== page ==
Image courtesy of Phoenix Contact
Creating terminal strip documentation is an error-prone and tedious process. Creating terminal strip drawings, cabinet layout and industry standard charts that illustrate how the terminal strip is assembled and how the wiring is to be connected must be done to fully document a control panel. Luckily, SOLIDWORKS Electrical has helpful tools that cut this process down from hours to minutes while reducing error.
SOLIDWORKS Electrical has a complete terminal strip management system, from the insertion of terminals in drawings, to the automatic generation of the terminal strip drawings, to cabling the terminals. First of all, as you design your schematics with SOLIDWORKS Electrical, the connections to terminal strips are automatically captured using the “Insert “N” Terminals” option. The designer simply draws a line across the multi-wire circuit seen below and terminal numbers that are associated with a terminal strip appear. In this case, terminal strip mark “X9” is created with terminal numbers 1 through 4.
Terminal numbers can be reassigned if need be. Another cool fact is that if more terminals on the same strip are added, the terminal numbers are continued. For example, 5-8, as seen below.
The terminal strip contains all the connection information between the components and wires/cables they are connected to and are managed using tools built into SOLIDWORKS Electrical. As you can see below, some of the connections are indeed cables, as they are grouped together in cable numbers like W6, W7 etc.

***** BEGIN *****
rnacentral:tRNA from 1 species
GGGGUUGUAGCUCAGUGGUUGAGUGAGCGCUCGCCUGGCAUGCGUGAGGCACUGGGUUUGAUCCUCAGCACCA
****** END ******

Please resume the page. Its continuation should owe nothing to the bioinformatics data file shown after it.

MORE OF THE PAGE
From this detailed terminal strip information panel, drawings and connection reports in drawings formats or tables can be created. These tables are in the DIN format as seen below. SOLIDWORKS Electrical supports the Horizontal and Vertical DIN formats out of the box.
For a more illustrative way of documenting the terminal strip you can use the terminal strip drawing format as shown below. This is a simplified drawing showing the terminal strip “X1” with 18 blocks on the terminal and the wires and cables connected to the strip, plus where the wires and cables are going, in this case to the motors “M1” through “M3.” SOLIDWORKS Electrical created this drawing automatically from the schematic!
Finally, is there a better way of illustrating the terminal strip and wiring than in pure 3D. SOLIDWORKS Electrical 3D, which connects the schematic in 2D to the assembly in 3D, allows for the layout of the control panel with terminal block and the automatic wiring from the schematic definition. Layout of the control box is as simple as dragging and dropping the components called out for by the Electrical schematic and then hitting the “Route Wires” or “Route Cables” button in the software. The wire lengths are auto-calculated and are sent to the terminal strip drawing documentation in SOLIDWORKS Electrical 2D schematic software as well. Note how the 3D user has full access to the schematic and DIN style reports inside SOLIDWORKS itself.
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